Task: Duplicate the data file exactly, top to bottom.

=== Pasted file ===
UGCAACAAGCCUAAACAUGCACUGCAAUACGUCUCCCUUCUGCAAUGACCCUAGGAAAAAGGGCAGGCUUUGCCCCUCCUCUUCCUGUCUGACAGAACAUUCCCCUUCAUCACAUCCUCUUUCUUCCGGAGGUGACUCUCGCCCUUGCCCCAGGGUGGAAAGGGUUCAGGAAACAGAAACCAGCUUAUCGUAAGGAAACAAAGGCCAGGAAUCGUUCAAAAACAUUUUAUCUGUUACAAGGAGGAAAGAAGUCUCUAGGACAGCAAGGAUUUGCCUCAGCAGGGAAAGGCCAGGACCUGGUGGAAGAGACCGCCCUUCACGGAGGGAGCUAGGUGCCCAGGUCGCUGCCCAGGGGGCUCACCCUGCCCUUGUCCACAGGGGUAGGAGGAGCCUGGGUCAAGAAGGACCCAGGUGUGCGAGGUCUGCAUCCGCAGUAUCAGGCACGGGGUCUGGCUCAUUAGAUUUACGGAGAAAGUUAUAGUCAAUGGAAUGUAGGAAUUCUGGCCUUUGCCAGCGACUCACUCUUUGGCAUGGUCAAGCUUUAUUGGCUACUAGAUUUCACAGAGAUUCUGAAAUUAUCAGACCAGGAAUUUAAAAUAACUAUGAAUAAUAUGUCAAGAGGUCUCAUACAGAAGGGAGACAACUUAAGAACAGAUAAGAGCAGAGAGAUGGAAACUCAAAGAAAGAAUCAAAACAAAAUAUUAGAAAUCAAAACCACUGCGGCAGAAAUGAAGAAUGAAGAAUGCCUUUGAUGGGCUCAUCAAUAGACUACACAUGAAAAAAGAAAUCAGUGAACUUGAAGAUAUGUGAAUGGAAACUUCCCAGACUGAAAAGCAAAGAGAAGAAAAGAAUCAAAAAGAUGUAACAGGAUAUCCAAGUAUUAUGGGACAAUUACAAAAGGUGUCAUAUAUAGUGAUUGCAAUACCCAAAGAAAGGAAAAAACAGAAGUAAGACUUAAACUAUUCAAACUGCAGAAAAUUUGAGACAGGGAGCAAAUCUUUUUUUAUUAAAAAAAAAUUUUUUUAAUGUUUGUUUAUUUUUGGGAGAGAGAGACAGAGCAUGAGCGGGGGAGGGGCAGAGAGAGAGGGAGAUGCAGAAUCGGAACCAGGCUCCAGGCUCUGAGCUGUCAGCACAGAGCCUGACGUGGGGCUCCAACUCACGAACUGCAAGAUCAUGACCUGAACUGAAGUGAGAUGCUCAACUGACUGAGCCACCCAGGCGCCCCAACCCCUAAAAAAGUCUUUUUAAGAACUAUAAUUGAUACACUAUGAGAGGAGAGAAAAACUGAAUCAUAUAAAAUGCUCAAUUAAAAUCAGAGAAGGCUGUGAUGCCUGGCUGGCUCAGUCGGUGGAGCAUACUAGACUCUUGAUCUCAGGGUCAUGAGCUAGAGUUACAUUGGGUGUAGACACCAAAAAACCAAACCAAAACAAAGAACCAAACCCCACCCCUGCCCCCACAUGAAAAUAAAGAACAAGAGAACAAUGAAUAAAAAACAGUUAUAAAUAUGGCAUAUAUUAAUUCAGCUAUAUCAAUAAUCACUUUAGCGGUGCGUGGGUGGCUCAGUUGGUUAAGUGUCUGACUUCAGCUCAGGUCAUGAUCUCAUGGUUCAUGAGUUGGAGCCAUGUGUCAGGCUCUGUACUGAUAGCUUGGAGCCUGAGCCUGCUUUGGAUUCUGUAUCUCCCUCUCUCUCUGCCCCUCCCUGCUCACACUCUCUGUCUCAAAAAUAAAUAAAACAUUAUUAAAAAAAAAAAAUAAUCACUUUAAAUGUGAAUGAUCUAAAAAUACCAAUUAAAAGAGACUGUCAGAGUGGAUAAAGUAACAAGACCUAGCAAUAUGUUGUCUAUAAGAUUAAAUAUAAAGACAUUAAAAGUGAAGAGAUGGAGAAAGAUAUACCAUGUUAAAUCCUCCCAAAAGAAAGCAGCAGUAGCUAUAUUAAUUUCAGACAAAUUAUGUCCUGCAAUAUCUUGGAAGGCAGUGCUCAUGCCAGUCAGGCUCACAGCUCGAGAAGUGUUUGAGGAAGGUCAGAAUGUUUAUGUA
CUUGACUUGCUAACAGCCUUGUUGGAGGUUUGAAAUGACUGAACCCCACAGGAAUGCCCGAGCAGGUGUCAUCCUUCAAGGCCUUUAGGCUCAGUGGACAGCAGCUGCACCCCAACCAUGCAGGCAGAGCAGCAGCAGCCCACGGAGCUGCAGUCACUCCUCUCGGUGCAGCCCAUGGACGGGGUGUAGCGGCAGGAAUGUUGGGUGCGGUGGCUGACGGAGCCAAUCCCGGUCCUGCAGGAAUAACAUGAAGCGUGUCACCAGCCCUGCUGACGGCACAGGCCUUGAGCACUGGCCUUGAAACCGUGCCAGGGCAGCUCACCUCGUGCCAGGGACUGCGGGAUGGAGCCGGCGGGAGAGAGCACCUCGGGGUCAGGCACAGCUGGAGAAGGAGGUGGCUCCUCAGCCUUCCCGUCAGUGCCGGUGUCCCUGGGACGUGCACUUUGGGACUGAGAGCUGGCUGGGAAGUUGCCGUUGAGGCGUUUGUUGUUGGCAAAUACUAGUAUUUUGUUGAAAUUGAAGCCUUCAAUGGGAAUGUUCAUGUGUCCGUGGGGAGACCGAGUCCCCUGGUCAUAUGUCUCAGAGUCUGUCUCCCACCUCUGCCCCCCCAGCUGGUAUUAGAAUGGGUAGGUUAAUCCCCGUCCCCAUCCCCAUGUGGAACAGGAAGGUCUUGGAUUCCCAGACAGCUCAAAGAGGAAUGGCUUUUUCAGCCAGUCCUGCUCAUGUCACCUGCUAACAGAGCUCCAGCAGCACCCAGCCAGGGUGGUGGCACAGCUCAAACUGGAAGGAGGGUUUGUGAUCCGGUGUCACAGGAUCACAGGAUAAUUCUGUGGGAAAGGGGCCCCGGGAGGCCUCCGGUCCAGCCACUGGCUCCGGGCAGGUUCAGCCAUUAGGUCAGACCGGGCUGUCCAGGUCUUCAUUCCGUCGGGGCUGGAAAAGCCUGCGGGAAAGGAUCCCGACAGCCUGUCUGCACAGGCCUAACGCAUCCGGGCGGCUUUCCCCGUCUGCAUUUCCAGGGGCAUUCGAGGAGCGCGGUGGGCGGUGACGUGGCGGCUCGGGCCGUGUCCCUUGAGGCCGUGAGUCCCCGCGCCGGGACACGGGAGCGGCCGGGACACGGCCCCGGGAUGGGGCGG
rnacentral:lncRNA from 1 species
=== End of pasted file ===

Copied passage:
UGCAACAAGCCUAAACAUGCACUGCAAUACGUCUCCCUUCUGCAAUGACCCUAGGAAAAAGGGCAGGCUUUGCCCCUCCUCUUCCUGUCUGACAGAACAUUCCCCUUCAUCACAUCCUCUUUCUUCCGGAGGUGACUCUCGCCCUUGCCCCAGGGUGGAAAGGGUUCAGGAAACAGAAACCAGCUUAUCGUAAGGAAACAAAGGCCAGGAAUCGUUCAAAAACAUUUUAUCUGUUACAAGGAGGAAAGAAGUCUCUAGGACAGCAAGGAUUUGCCUCAGCAGGGAAAGGCCAGGACCUGGUGGAAGAGACCGCCCUUCACGGAGGGAGCUAGGUGCCCAGGUCGCUGCCCAGGGGGCUCACCCUGCCCUUGUCCACAGGGGUAGGAGGAGCCUGGGUCAAGAAGGACCCAGGUGUGCGAGGUCUGCAUCCGCAGUAUCAGGCACGGGGUCUGGCUCAUUAGAUUUACGGAGAAAGUUAUAGUCAAUGGAAUGUAGGAAUUCUGGCCUUUGCCAGCGACUCACUCUUUGGCAUGGUCAAGCUUUAUUGGCUACUAGAUUUCACAGAGAUUCUGAAAUUAUCAGACCAGGAAUUUAAAAUAACUAUGAAUAAUAUGUCAAGAGGUCUCAUACAGAAGGGAGACAACUUAAGAACAGAUAAGAGCAGAGAGAUGGAAACUCAAAGAAAGAAUCAAAACAAAAUAUUAGAAAUCAAAACCACUGCGGCAGAAAUGAAGAAUGAAGAAUGCCUUUGAUGGGCUCAUCAAUAGACUACACAUGAAAAAAGAAAUCAGUGAACUUGAAGAUAUGUGAAUGGAAACUUCCCAGACUGAAAAGCAAAGAGAAGAAAAGAAUCAAAAAGAUGUAACAGGAUAUCCAAGUAUUAUGGGACAAUUACAAAAGGUGUCAUAUAUAGUGAUUGCAAUACCCAAAGAAAGGAAAAAACAGAAGUAAGACUUAAACUAUUCAAACUGCAGAAAAUUUGAGACAGGGAGCAAAUCUUUUUUUAUUAAAAAAAAAUUUUUUUAAUGUUUGUUUAUUUUUGGGAGAGAGAGACAGAGCAUGAGCGGGGGAGGGGCAGAGAGAGAGGGAGAUGCAGAAUCGGAACCAGGCUCCAGGCUCUGAGCUGUCAGCACAGAGCCUGACGUGGGGCUCCAACUCACGAACUGCAAGAUCAUGACCUGAACUGAAGUGAGAUGCUCAACUGACUGAGCCACCCAGGCGCCCCAACCCCUAAAAAAGUCUUUUUAAGAACUAUAAUUGAUACACUAUGAGAGGAGAGAAAAACUGAAUCAUAUAAAAUGCUCAAUUAAAAUCAGAGAAGGCUGUGAUGCCUGGCUGGCUCAGUCGGUGGAGCAUACUAGACUCUUGAUCUCAGGGUCAUGAGCUAGAGUUACAUUGGGUGUAGACACCAAAAAACCAAACCAAAACAAAGAACCAAACCCCACCCCUGCCCCCACAUGAAAAUAAAGAACAAGAGAACAAUGAAUAAAAAACAGUUAUAAAUAUGGCAUAUAUUAAUUCAGCUAUAUCAAUAAUCACUUUAGCGGUGCGUGGGUGGCUCAGUUGGUUAAGUGUCUGACUUCAGCUCAGGUCAUGAUCUCAUGGUUCAUGAGUUGGAGCCAUGUGUCAGGCUCUGUACUGAUAGCUUGGAGCCUGAGCCUGCUUUGGAUUCUGUAUCUCCCUCUCUCUCUGCCCCUCCCUGCUCACACUCUCUGUCUCAAAAAUAAAUAAAACAUUAUUAAAAAAAAAAAAUAAUCACUUUAAAUGUGAAUGAUCUAAAAAUACCAAUUAAAAGAGACUGUCAGAGUGGAUAAAGUAACAAGACCUAGCAAUAUGUUGUCUAUAAGAUUAAAUAUAAAGACAUUAAAAGUGAAGAGAUGGAGAAAGAUAUACCAUGUUAAAUCCUCCCAAAAGAAAGCAGCAGUAGCUAUAUUAAUUUCAGACAAAUUAUGUCCUGCAAUAUCUUGGAAGGCAGUGCUCAUGCCAGUCAGGCUCACAGCUCGAGAAGUGUUUGAGGAAGGUCAGAAUGUUUAUGUA
CUUGACUUGCUAACAGCCUUGUUGGAGGUUUGAAAUGACUGAACCCCACAGGAAUGCCCGAGCAGGUGUCAUCCUUCAAGGCCUUUAGGCUCAGUGGACAGCAGCUGCACCCCAACCAUGCAGGCAGAGCAGCAGCAGCCCACGGAGCUGCAGUCACUCCUCUCGGUGCAGCCCAUGGACGGGGUGUAGCGGCAGGAAUGUUGGGUGCGGUGGCUGACGGAGCCAAUCCCGGUCCUGCAGGAAUAACAUGAAGCGUGUCACCAGCCCUGCUGACGGCACAGGCCUUGAGCACUGGCCUUGAAACCGUGCCAGGGCAGCUCACCUCGUGCCAGGGACUGCGGGAUGGAGCCGGCGGGAGAGAGCACCUCGGGGUCAGGCACAGCUGGAGAAGGAGGUGGCUCCUCAGCCUUCCCGUCAGUGCCGGUGUCCCUGGGACGUGCACUUUGGGACUGAGAGCUGGCUGGGAAGUUGCCGUUGAGGCGUUUGUUGUUGGCAAAUACUAGUAUUUUGUUGAAAUUGAAGCCUUCAAUGGGAAUGUUCAUGUGUCCGUGGGGAGACCGAGUCCCCUGGUCAUAUGUCUCAGAGUCUGUCUCCCACCUCUGCCCCCCCAGCUGGUAUUAGAAUGGGUAGGUUAAUCCCCGUCCCCAUCCCCAUGUGGAACAGGAAGGUCUUGGAUUCCCAGACAGCUCAAAGAGGAAUGGCUUUUUCAGCCAGUCCUGCUCAUGUCACCUGCUAACAGAGCUCCAGCAGCACCCAGCCAGGGUGGUGGCACAGCUCAAACUGGAAGGAGGGUUUGUGAUCCGGUGUCACAGGAUCACAGGAUAAUUCUGUGGGAAAGGGGCCCCGGGAGGCCUCCGGUCCAGCCACUGGCUCCGGGCAGGUUCAGCCAUUAGGUCAGACCGGGCUGUCCAGGUCUUCAUUCCGUCGGGGCUGGAAAAGCCUGCGGGAAAGGAUCCCGACAGCCUGUCUGCACAGGCCUAACGCAUCCGGGCGGCUUUCCCCGUCUGCAUUUCCAGGGGCAUUCGAGGAGCGCGGUGGGCGGUGACGUGGCGGCUCGGGCCGUGUCCCUUGAGGCCGUGAGUCCCCGCGCCGGGACACGGGAGCGGCCGGGACACGGCCCCGGGAUGGGGCGG
rnacentral:lncRNA from 1 species